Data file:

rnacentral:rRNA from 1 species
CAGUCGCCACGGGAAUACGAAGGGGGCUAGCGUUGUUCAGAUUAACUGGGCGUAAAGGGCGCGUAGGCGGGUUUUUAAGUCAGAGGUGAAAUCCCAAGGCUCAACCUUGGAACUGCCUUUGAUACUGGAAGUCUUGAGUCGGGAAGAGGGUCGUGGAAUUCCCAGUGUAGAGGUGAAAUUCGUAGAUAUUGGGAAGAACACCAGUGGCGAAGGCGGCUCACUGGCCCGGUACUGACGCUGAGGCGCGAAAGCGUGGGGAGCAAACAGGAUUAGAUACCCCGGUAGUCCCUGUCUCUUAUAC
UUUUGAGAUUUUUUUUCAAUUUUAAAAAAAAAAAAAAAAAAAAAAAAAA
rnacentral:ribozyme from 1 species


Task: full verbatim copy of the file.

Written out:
rnacentral:rRNA from 1 species
CAGUCGCCACGGGAAUACGAAGGGGGCUAGCGUUGUUCAGAUUAACUGGGCGUAAAGGGCGCGUAGGCGGGUUUUUAAGUCAGAGGUGAAAUCCCAAGGCUCAACCUUGGAACUGCCUUUGAUACUGGAAGUCUUGAGUCGGGAAGAGGGUCGUGGAAUUCCCAGUGUAGAGGUGAAAUUCGUAGAUAUUGGGAAGAACACCAGUGGCGAAGGCGGCUCACUGGCCCGGUACUGACGCUGAGGCGCGAAAGCGUGGGGAGCAAACAGGAUUAGAUACCCCGGUAGUCCCUGUCUCUUAUAC
UUUUGAGAUUUUUUUUCAAUUUUAAAAAAAAAAAAAAAAAAAAAAAAAA
rnacentral:ribozyme from 1 species